Lavender remains one of our most beloved and medicinal healing aromas, most often enjoyed as an essential oil. But how do you make an essential oil from scratch at home with fresh or dry lavender buds?
Unfortunately, it’s not simple!
Essential oils are generally made with special distillation equipment such as a still, and a lot of plant material.
Lavender is relatively affordable because it’s easy to grow and “only” requires about 16 pounds of lavender buds to make a single one-ounce bottle of essential oil. I’d estimate that each pound of blossoms is approximately the volume of a throw pillow.
Thankfully, the art of hydrosols allows you to craft aromatherapeutic lavender remedies at home in your kitchen without fancy equipment and a lot less plant material.
A hydrosol is the first step of making an essential oil.
Simply put, you place aromatic plants and water in a pot, simmer, then capture and reconstitute the steam back into a liquid, yielding distilled water along with a tiny amount of therapeutic and fragrant essential oil.
Compared to an essential oil, hydrosols are gentler, safer, and more affordable.
You can use a hydrosol as a facial toner, linen spray, lightly aromatic air mist, and in culinary, medicinal, and cosmetic recipes.
The only downsides are that the aroma is much milder than an essential oil and the shelf life is relatively short.
While professionals would work with a fancy still, often made of copper, to craft a hydrosol, you can repurpose common kitchen equipment to make your own at home.
The set up seems confusing but once you find the equipment that works with what you have on hand, it’s actually quite simple, and your hydrosol will be done in just a few hours.
Any aromatic herb that retains its aroma through the heating process makes a lovely hydrosol. Lavender (fresh or dry) is a favorite, but you can also work with mint, rosemary, lemongrass, holy basil (divine!), etc.
Fresh-from-the-garden herbs work well, but if the dried herb retains the aroma – like lavender does – you can work with it dried, too.
Most ingredients sold as essential oils that don’t cost a fortune will work well. Unfortunately, many sweet and floral scented flowers don’t come across as nicely in a hydrosol, though it can be fun to experiment to see what works and what doesn’t.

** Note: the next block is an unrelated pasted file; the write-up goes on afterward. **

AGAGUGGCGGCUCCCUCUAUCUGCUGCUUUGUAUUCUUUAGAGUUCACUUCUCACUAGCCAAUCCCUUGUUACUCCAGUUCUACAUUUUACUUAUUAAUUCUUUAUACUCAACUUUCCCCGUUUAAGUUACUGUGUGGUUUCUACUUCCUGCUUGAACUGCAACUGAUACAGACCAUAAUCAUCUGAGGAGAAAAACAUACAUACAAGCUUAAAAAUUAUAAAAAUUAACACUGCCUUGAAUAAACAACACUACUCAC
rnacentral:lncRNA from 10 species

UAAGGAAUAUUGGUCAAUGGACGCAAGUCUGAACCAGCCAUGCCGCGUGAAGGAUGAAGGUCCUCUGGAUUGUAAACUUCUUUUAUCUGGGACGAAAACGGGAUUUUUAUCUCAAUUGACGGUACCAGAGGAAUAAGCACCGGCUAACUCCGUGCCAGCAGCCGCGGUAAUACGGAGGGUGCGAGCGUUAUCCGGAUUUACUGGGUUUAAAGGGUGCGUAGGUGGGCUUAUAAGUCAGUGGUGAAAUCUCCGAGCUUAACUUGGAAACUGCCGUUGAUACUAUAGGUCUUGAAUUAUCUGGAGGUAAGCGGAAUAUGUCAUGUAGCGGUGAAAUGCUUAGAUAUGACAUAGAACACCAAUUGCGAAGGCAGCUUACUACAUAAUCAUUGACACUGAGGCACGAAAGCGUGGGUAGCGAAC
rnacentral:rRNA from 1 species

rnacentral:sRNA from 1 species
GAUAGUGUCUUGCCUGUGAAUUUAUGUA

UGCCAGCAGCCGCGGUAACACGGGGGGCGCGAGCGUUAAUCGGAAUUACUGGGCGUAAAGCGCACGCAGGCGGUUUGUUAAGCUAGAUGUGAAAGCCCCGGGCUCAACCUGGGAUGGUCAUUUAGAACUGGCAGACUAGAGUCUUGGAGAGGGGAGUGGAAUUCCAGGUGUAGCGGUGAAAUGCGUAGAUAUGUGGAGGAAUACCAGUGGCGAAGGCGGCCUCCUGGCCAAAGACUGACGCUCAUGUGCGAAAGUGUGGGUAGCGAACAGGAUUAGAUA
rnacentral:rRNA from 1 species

The goal here is that you are going to put plant material and water in a large stock pot, prop an empty heat-safe bowl in the middle. Turn the pot lid upside down and either place ice directly in the upturned lid or in a metal mixing bowl on top of the lid.
As you gently simmer the plant material, the steam of the water and essential oils collects on the top of the lid, turns back to liquid due to the ice, and then drips down the upside-down-lid into the bowl. What you catch in the bowl is your hydrosol.
Working with sanitized equipment and containers is preferred.
Some people use a clean brick to prop the bowl up in the water so it doesn’t float around nor come in contact directly with the bottom of the pan.
I personally use a bowl that’s heavy enough to stay put. One of my colleagues, Jessica LaBrie of Blackbird’s Daughter Botanicals, uses a tempered glass measuring cup propped on a mason jar lid.
See what works for you with what you have on hand.
The water and plant material goes outside of the bowl in the middle (about 2 inches of water and a few cups of fresh or dried lavender blossoms) – the bowl should remain empty so it can capture the finished hydrosol.
If you can put ice directly on the upturned pot lid, that will more rapidly condense the steam. However, it also creates a sloshy mess that’s difficult to handle as the ice begins to melt.
You can use a turkey baster to remove the liquid and will need to do this throughout the hour or two that your hydrosol is distilling.
I prefer to put ice in a large metal mixing bowl and then place that on top of the lid or simply directly on the open pot – it’s so much easier to handle! And I can step away and just check on it periodically.
For the pot lid, I prefer to use a metal lid because it will be exposed to heat and ice simultaneously, which might break glass or ceramic lids. That said, you might be ok with a tempered glass lid if that’s all you have.
I also prefer a lid without the steam vent hole (but if your lid has a hole, you can try taping it over or simply put a metal mixing bowl on top).
Bring your water to a gentle boil then turn it down to a simmer so that it’s releasing steam but not boiling vigorously. Let this simmer for 1-2 hours.
Keep an eye on the ice/melted water situation to remove water and replace ice as needed.
After 1-2 hours, remove the pot from the heat, gently remove the lid. The hydrosol will have collected in the bowl, which you can remove with a measuring cup, spoon, or ladle – be careful not to burn yourself.
Pour this into spray bottles to enjoy!
Hydrosol is best enjoyed within a few months since it can grow microbes if introduced (water is not a good preservative) and over time, which can appear as white, grey, or green floaties.
I sometimes make an aromatic alcohol extract in good quality vodka and then add some of that to the hydrosol to extend the shelf life – you can make it just like a medicinal tincture (learn how at wintergreenbotanicals.com/tinctures); however, often it’s ready within just a day or two.
You can also keep extra hydrosol in the freezer to extend the shelf life.